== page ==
I need to prove: If $p$ is a prime number congruent to $5 \mod 8$, and $\left(\frac np\right)= 1$, then

either $ [n^{(p+3)/8}] ^2 ≡ n\bmod p$

or $ [n^{(p+3)/8}((p-1)/2)! ]^2 ≡ n\bmod p$

I am not really sure how to proceed, although I have tried checking the cases $n= 1$ and $n = -1$, I have also tried various things with the definition of a Legendre symbol.


You can argue as follows.

We know that $n$ is a quadratic residue. The question is whether $n$ is a quartic residue or not.

  • Assume first that $n\equiv a^4\pmod p$ for some $a$ coprime to $p$. By Little Fermat we can deduce that $$1\equiv a^{p-1}\equiv n^{(p-1)/4}\pmod p.$$ Multiplying this congruence by $n$ gives $$ n^{(p+3)/4}\equiv n\pmod p. $$ As $k=(p+3)/8$ is an integer, this means that $(n^k)^2\equiv n$ in line with the first alternative.
  • If $n$ is a modular square but not a modular fourth power, then I first claim that $-n$ will be a fourth power modulo $p$. This is because $-1$ is known to be a quadratic residue. But as $p\not\equiv 1\pmod 8$ there are no elements of order $8$, and consequently $-1$ cannot be a fourth power. The claim follows from this because the quotient group of quadratic residues modulo quartic residues is cyclic of order two (this holds for all $p\equiv1\pmod4$). The result of the previous bullet thus implies the congruence $$ (-n)^{(p+3)/4}\equiv -n\pmod p. $$ Here $(p+3)/4$ is even, so this reads $$ n^{(p+3)/4}\equiv -n\pmod p.\qquad(*) $$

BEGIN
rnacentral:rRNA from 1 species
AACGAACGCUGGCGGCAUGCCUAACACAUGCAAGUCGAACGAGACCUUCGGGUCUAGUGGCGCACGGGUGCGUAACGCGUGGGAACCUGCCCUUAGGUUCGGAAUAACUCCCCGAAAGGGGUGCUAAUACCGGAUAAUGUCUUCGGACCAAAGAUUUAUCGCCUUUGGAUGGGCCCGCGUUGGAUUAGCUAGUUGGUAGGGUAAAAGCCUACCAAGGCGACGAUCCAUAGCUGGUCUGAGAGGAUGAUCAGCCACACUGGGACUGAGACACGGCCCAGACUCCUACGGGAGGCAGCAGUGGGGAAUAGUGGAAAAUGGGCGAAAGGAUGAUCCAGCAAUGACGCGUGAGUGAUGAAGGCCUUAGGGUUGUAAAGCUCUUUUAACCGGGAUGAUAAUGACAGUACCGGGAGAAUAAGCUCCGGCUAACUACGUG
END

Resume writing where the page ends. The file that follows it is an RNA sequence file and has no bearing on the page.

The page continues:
• Let $u$ be the residue class of $((p-1)/2)!$. Because $p\equiv1\pmod4$ it follows from Wilson's theorem, $(p-1)!\equiv-1\pmod p$, that $u^2\equiv-1\pmod p$. This allows us to rewrite congruence $(*)$ in the form $$[u n^{(p+3)/8}]^2\equiv n^{(p+3)/4}u^2\equiv (-n)\cdot (-1)=n\pmod p,$$ which is exactly what the second alternative says.
  • $\begingroup$ yes, you are correct about the typo. I am not good with MathJax on here. $\endgroup$ – user2782067 Nov 1 '18 at 19:11
  • $\begingroup$ Thanks for notifying me about the fix @user2782067. Don't worry. You'll get the hang of it quickly enough. $\endgroup$ – Jyrki Lahtonen Nov 1 '18 at 19:13

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